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Pediatr Endocrinol Rev. 2013 Dec;11(2):167-80.

Osteoporosis in thalassemia major: an update and the I-CET 2013 recommendations for surveillance and treatment.

Author information

1
Pediatric and Adolescent Outpatient Clinic, Quisisana Hospital, Ferrara, Italy. vdesanctis@libero.it
2
Department of Pediatrics, Division of Endocrinology, Hamad General Hospital Doha, Qatar.
3
Department of Pediatrics, Ain Shams University, Cairo, Egypt.
4
Department of Hematology, Alamal Hospital, Hamad Medical Center, Doha, Qatar.
5
Director of Hemoglobinopathy Diagnosis Center and President of Mediterranean Blood Diseases Foundation, Antalya, Turkey.
6
Pediatric Hematology and Oncology, Cukurova University, Adana, Turkey.
7
Department of Pediatrics, Dayanand Medical College, Ludhiana, Punjab, India.
8
Department of Paediatrics, Division of Pediatric Endocrinology, Makarios Hospital, Nicosia, Cyprus.
9
Hematology Research Center, Shiraz University of Medical Sciences, Shiraz, Iran.
10
Department of Paediatrics, Pugliese Ciaccio Hospital, Catanzaro, Italy.
11
Department of Haematology, Thalassaemia and Prenatal Diagnosis Regional Center, Pugliese Ciaccio Hospital, Catanzaro, Italy.
12
Department of Radiology, Hamad General Hospital, Doha, Qatar.
13
Department of Pediatrics, NYU School of Medicine, New York, USA.

Abstract

In recent years, the issue of osteopenia/osteoporosis in children, adolescents and young adults with thalassaemia major (TM) has attracted much attention because it is a prominent cause of morbidity despite adequate transfusion and iron chelation therapy. The reported frequency of osteoporosis, even in well treated TM patients varies from 13.6% to 50% with an additional 45% affected by osteopenia. The pathogenesis of TM-induced osteoporosis is multifactorial. Genetic and acquired factors play role in demineralization of bones in thalassemia. Osteoporosis is characterized by low bone mass and disruption of bone architecture, resulting in reduced bone strength and increased risk of fractures. The significant predictors of fracture prevalence include male gender, hypothyroidism, age, lack of spontaneous puberty in females, active hepatitis, heart disease and diabetes. The early identification of osteopenia and osteoporosis is of paramount importance. This is because delayed diagnosis and inadequate treatment have led to severe osteoporosis, skeletal abnormalities, fractures, spinal deformities, nerve compression and growth failure. dequate hormonal replacement, has been posponed, Effective iron chelation adequate hormonal replacement, improvement of hemoglobin levels, calcium and vitamin D administration and physical activity are currently the main measures for the management of the disease. The use of bisphosphonates in TM patients with osteoporosis is increasing and their positive effect in improving bone mineral density is encouraging. The recommendations of the International Network on Growth Disorders and Endocrine Complications in Thalassaemia (I-CET) for diagnosis and management of osteoporosis in TM are also briefly included in this review.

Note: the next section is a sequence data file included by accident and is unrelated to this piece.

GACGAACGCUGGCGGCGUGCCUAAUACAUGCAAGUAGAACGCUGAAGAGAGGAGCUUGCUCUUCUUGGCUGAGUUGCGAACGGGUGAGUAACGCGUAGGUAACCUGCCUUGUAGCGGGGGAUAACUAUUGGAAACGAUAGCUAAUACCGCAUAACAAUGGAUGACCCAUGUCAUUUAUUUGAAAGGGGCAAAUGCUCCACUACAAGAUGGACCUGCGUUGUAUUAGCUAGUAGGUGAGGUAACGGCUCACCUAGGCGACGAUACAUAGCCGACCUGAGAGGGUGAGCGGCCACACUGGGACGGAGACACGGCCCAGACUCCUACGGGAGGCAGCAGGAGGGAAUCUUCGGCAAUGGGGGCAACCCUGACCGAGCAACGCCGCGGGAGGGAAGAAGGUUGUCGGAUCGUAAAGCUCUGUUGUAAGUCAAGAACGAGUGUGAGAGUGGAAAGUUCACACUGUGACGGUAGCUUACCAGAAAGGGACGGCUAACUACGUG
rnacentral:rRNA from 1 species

PMID:
24575552
[Indexed for MEDLINE]

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